Many of us, not only retirees and singles, are downsizing our Christmas trees and a smaller tree requires a smaller tree skirt. This one uses minimal amounts of Christmas fabric, sews up quickly and is 36 inches in diameter
.8 metre green fabric 1 metre red fabric
.5 metre cream OR white fabric Thin batting Backing fabric
Cut 3.5-inch strips crosswise from each fabric (7 green, 4 red, 4 white). The tree skirt top can be pieced square by square or by using a time-saving strip-piecing technique described below.
If piecing square by square, cut these strips crosswise again into 3.5-inch squares. Lay out and piece as per Figure 1.
If strip piecing, sew 4 strips together lengthwise, white/green/ red/white.
Press seam allowances together and toward the darker fabrics. Pressing tip: Laying this strip set across your ironing board rather than lengthwise will help ensure that the strips stay straight and prevent bowing. Recut this strip set crosswise into 3.5-inch “slices.” Lay out and piece as per Figure 1. You will have to “reverse sew” (that is, pick out a bit) and piece some “filler” units to create the rows with the right colour sequence but sewing these initial strip sets will save time over all.
Sew rows together, pressing seam allowances together and to the right for the first row, to the left for the second row, to the right for the third and so on. Doing so will ensure that when next you sew your rows together, the squares will fit together perfectly. The finished tree skirt top will be 12 squares by 12 squares with the colours forming diagonal lines. Layer with a thin cotton batting and backing fabric. Pin baste. Machine quilt. I used a dark-gold machine-quilting thread and simply machine quilted a diagonal line through the light squares and 1/8 inch from the seams on the green squares.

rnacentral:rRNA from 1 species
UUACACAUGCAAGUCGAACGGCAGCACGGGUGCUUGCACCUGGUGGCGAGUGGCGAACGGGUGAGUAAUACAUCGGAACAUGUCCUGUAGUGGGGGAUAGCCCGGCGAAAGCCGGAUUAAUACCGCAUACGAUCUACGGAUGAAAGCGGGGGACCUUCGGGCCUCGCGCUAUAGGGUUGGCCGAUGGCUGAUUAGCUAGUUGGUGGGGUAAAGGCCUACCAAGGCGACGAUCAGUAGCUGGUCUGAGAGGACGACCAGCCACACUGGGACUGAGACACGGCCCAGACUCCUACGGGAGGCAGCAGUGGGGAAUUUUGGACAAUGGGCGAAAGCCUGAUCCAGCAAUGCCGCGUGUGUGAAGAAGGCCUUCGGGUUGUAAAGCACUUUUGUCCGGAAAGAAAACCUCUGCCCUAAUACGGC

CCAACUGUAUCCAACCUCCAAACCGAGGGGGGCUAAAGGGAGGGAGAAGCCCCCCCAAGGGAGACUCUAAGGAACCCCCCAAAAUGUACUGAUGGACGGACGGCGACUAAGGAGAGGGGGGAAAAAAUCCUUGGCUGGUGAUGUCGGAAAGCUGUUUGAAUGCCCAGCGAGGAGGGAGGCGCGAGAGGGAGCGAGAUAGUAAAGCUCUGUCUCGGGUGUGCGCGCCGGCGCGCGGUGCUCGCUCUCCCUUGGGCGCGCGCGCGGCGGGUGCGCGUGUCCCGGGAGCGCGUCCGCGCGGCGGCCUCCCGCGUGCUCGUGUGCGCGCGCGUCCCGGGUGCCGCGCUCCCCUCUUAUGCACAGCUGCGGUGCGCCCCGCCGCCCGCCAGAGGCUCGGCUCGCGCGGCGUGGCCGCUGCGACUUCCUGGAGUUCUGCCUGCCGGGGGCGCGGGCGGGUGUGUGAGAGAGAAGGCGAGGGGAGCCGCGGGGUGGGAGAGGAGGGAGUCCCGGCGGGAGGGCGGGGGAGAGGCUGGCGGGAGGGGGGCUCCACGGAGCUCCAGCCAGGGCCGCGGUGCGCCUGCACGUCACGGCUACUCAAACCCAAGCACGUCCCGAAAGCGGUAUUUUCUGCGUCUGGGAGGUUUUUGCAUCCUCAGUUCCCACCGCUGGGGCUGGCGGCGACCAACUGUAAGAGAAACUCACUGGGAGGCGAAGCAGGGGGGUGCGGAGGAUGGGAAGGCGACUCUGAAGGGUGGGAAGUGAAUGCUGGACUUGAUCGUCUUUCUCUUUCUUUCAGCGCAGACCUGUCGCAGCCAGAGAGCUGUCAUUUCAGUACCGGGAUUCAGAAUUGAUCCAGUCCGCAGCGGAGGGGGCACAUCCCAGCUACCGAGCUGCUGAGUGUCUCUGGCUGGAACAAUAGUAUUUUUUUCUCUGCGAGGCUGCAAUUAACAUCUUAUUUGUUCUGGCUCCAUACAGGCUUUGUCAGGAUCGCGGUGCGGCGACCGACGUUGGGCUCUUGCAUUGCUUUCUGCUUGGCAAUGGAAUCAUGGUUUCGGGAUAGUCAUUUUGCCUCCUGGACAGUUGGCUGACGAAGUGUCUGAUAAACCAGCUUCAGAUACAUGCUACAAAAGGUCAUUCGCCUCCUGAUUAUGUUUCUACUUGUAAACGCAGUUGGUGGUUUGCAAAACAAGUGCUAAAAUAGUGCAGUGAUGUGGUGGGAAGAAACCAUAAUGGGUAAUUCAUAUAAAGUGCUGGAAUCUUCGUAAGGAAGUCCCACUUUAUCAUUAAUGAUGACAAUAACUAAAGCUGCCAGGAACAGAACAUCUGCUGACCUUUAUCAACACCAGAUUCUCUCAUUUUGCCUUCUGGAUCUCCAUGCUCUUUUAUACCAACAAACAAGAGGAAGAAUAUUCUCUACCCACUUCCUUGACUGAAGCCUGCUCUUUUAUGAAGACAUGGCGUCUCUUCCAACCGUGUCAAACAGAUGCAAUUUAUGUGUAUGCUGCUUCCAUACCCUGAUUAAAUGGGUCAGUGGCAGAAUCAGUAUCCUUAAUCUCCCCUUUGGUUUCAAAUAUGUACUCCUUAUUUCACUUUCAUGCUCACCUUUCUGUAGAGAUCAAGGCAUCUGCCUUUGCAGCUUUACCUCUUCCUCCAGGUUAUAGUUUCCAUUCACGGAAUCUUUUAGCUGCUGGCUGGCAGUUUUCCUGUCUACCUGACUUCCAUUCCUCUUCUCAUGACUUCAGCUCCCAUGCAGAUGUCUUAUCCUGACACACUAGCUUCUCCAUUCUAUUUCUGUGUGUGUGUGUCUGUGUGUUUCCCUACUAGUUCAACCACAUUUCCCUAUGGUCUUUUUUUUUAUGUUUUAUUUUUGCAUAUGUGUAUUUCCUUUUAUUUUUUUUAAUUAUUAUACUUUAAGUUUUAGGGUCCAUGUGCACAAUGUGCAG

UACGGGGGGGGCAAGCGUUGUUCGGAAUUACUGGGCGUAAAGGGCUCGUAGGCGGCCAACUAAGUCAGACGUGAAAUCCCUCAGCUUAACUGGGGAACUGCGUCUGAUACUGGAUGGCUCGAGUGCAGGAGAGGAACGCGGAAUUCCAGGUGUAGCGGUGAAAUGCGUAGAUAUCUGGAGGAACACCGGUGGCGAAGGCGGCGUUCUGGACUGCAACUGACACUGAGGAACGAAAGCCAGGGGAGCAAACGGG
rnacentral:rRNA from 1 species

CUTTING INTO A CIRCLE:
Tie a sharpened pencil to both ends of a 20-inch-long piece of string. Place the point of one pencil in the centre of the quilt and adjust the knot so the point of the second pencil is at the edge of the quilt. Using the pencils and string as a compass, draw a circle. Trim off the corners following your drawn line.
Use a small dessert bowl or lid to mark the centre circle and again, cut on the line. Cut along one seam to form the opening of the tree skirt. Bind all edges as you would a larger quilt. You will be binding a curved edge so be sure to cut the binding on the bias. Binding may be cut from the remaining red fabric. I prefer a double-fold binding, cutting my binding strips 1-7/8 inches wide. I also prefer mitred corners to squared corners. Depending on your choice of backing fabric, this tree skirt could be reversible.
Ruth Bergen Braun writes from Lethbridge, Alberta